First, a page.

Advocating for Future Generations

FARMS Leadership | Central Valley South | Wednesday, February 26, 2020

Location of Field Day:
Sequoia Riverland Trust
Dry Creek Preserve
35220 Dry Creek Dr, 35220 Dry Creek Dr, Woodlake, CA 93286

Field Day Host(s) and Mentors: 
Bud Darwin, Education and Volunteer Director
Sam Weiser, Education Coordinator

Upon arrival, students met and interviewed Bud Darwin & Sam Weiser with Sequoia Riverland Trust. The students introduced Bud and Sam to the group and our day started. Students visited the Native Plant Nursery that is on-site.  They were able to see the different plants and shrubs that were grown there and why it is good to plant them at home to encourage pollination at their homes. Dry Creek Preserve is a 152-acre former gravel quarry located just northwest of Lemon Cove, CA in the town of Woodlake, CA.  The students were able to use iPads and their cell phones with the iNaturalist App. Students could upload pictures of anything they could find and the app community would then help identify what was found. Students did this on the 2-mile hike we took around the preserve. Students also learned how the combination of biological and environmental conditions were important to the local farmers who grazed cattle on this very land.  Students really enjoyed being able to bring the classroom, technology and electronics outdoors. Following the hike, we had lunch and de-briefed on the day. Bud & Sam shared volunteer opportunities with our students and the importance of finding something you enjoy doing when you grow up so you’ll never have to work a day in your life. Thank you for a terrific field day Sequoia Riverlands Trust!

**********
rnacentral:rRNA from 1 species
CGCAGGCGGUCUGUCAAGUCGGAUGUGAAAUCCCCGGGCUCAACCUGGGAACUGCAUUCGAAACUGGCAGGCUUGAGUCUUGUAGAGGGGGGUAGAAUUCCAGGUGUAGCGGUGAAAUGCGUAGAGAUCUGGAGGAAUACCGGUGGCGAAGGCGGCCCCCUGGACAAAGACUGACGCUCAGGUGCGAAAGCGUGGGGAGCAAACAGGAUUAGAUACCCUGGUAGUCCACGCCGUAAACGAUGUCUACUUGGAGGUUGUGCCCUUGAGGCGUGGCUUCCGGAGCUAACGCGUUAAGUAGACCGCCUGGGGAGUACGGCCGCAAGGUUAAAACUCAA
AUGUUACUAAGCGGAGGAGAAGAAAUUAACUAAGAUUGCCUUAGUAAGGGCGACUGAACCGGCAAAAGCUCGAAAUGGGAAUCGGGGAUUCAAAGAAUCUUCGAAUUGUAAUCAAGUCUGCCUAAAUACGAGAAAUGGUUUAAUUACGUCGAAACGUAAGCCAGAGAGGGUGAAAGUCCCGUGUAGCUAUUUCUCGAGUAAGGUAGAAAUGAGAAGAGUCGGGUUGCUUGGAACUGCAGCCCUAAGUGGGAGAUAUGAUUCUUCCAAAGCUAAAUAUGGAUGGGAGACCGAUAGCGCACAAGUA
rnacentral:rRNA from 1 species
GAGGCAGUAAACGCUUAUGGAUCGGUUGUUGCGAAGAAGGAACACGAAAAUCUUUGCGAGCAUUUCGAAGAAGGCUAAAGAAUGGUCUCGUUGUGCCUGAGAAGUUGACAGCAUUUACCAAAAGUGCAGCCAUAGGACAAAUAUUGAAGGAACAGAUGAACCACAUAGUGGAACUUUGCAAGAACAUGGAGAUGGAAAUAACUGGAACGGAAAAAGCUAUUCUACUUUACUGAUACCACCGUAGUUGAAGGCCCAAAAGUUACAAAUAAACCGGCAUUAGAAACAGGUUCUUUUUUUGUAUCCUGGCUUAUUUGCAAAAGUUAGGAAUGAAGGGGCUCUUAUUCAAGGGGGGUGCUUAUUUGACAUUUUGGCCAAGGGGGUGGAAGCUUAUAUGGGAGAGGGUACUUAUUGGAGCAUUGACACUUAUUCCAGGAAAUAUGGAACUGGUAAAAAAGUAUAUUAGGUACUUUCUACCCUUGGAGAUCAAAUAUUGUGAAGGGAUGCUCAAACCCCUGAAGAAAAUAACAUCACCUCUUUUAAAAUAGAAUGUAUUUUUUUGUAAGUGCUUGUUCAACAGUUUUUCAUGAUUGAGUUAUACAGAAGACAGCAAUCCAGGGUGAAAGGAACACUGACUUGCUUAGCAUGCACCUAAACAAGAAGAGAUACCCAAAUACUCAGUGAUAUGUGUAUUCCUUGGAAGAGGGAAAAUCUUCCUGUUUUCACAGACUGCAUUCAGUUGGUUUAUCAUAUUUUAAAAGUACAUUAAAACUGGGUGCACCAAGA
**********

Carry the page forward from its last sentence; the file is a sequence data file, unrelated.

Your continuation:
Aquaculture Education

FARMS Leadership | Central Valley North | Wednesday, December 11, 2019

Location of Field Day:
California Department of Fish & WildLife – San Joaquin Hatchery – 17372 Brook Trout Drive, Friant, CA 93626

Field Day Host(s) and Mentors:
William Branch
Cheryl Moxley
Brian Erlandsen

Theme:
Aquaculture and Natural Resources

Summary of the Day:
Students from LeGrand High School, Madera South High School and Firebaugh High School met on Wednesday, December 11th at The San Joaquin Hatchery of California Department of Fish & Wildlife. Students met and practiced an introduction and thank you practice for use in the day for introducing our hosts. Students also learned about the end of the year Community Action Project they would need to complete as a requirement of the FARMS Leadership Program. The Community Action Project is any project undertaken by students that applies the skills and knowledge attained throughout the program to address problems or concerns in the students’ own communities. Students will present what they have contributed to their communities during the last field day in April. Next, we were joined by Cheryl Moxley who runs the FINS Program. The FINS Program is an interpretive nature trail designed to teach children the life cycle of trout. Given the slightly older nature of our group, she covered other more age-appropriate information such as native plants, grant funding information, and interpretive design. Next, students rotated between two programs with lunch provided by FARMS to split up these two rotations. The first was SCARF: A salmon restoration project for the San Joaquin River. This covered topics such as conservation, endangered species, and the science behind genetic matrix and testing. Followed by SJH: The hatchery itself, where we discussed what it takes to raise fish, plant it out, and deal with such things as water quality, biosecurity, and fish health. At the end of the day, students presented thank you’s to all of our hosts. We had a really enjoyable hands-on day. We were very impressed with what the state of California does for our natural resources. Thank you again, William, Cherly, Brian and your entire team.